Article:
The question arises, if we were going to do this, when should we do it?  Even if enough fans were interested, it would take many months for any scheme to be developed, and for the fans to have their £50m in the bank.  If we leave it until there are press reports of another buyer in the offing, it will probably be too late to assist that buyer.  Bear in mind if we do nothing, we may still be where we are today 5 or 10 years from now; perpetually suffering low-table or relegation misery.  It needs to be done now.

If we do it now, it may attract a suitable buyer out of the woodwork.  We could even have the luxury of being in a position to veto an unsuitable buyer!  If that buyer doesn’t materialise immediately, the £50m could be put to good use for many years to come.  We could:

  • Simply invest it, so that we have £60m or £80m available in years to come, to take a significant stake in any future purchase; or
  • If possible, we pay fans an annual dividend to offset the cost of their loan; or
  • Support local charities or youth football; or even
  • With suitable terms and conditions, offer low-cost or even no-cost loans to the club to buy players of our (Rafa’s) choice, and on our terms.

What could the next steps be?

  • Through The Mag, other fanzines, the press, and social media, we launch the draft scheme to the fans, and the wider public. We need to be on the local, the national and the world-wide stage.  We then gauge reaction and assess the feedback from the fans.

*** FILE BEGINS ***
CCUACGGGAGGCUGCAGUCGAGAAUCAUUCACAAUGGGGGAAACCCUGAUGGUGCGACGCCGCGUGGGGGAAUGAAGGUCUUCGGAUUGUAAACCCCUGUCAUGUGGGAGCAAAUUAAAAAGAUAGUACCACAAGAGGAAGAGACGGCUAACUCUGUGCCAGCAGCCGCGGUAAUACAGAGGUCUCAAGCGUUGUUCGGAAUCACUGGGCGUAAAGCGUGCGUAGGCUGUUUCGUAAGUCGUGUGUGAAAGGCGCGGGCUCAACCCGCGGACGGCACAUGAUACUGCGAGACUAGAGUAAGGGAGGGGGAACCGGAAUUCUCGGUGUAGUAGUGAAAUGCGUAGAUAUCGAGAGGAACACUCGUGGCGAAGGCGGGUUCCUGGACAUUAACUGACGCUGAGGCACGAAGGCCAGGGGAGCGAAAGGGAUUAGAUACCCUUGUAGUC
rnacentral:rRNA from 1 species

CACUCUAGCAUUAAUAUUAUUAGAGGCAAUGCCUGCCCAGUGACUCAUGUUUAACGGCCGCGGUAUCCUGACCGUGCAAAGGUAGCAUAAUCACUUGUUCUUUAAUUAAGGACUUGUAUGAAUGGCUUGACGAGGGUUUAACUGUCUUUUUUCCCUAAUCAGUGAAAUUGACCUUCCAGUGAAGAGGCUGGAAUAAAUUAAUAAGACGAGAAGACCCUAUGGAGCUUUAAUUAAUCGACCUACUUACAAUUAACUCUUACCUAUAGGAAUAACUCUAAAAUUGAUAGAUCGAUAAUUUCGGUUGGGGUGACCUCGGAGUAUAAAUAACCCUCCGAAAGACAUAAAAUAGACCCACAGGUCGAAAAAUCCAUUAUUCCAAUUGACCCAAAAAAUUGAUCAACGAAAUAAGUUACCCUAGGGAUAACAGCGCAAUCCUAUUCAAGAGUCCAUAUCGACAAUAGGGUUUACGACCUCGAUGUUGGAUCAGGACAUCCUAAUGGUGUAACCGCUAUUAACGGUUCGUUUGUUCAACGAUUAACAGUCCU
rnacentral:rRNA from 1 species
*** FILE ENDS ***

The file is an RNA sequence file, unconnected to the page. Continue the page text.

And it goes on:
• We raise a Fighting Fund of £150,000 by asking 75,000 fans world-wide to contribute £2 each via the NUFAN website, (To be constructed) via their mobile phone, or via a crowd funding site such as Kickstarter or GoFundMe
  • With the Fighting Fund raised, we then fund the website, and form the Launch Panel. We need to engage and pay experts in:  legal and financial services, retail, media and PR, the formation of charities and co-operatives etc.  Fans would be on the Launch Panel too.
  • The Launch Panel will work on the detail of the draft scheme. They will consult with fans, The Newcastle United Supporters Trust, fanzines such as The Mag, the Retailers, the Lenders and of course any potential buyer.  They will amend and develop the scheme, with the remit to produce and present a final workable scheme to the fans.
  • Whenever necessary, the fans will be directly consulted via voting buttons on the website. Clearly a question for the fans at an early stage will need to be: ‘In principle, would you buy a £1,000 share as part of this scheme?’
  • A final scheme is presented to the fans and the wider stage, and we move forward from that point.


Phase One would be raising the £150,000 for the fighting fund, with fans contributing £2 each.  Phase Two would be launching the final scheme. I am presenting the whole scheme to The Mag readers as a starting point to gauge interest.  I invite your thoughts and input on Phase One and Phase Two.  Should we proceed with Phase One?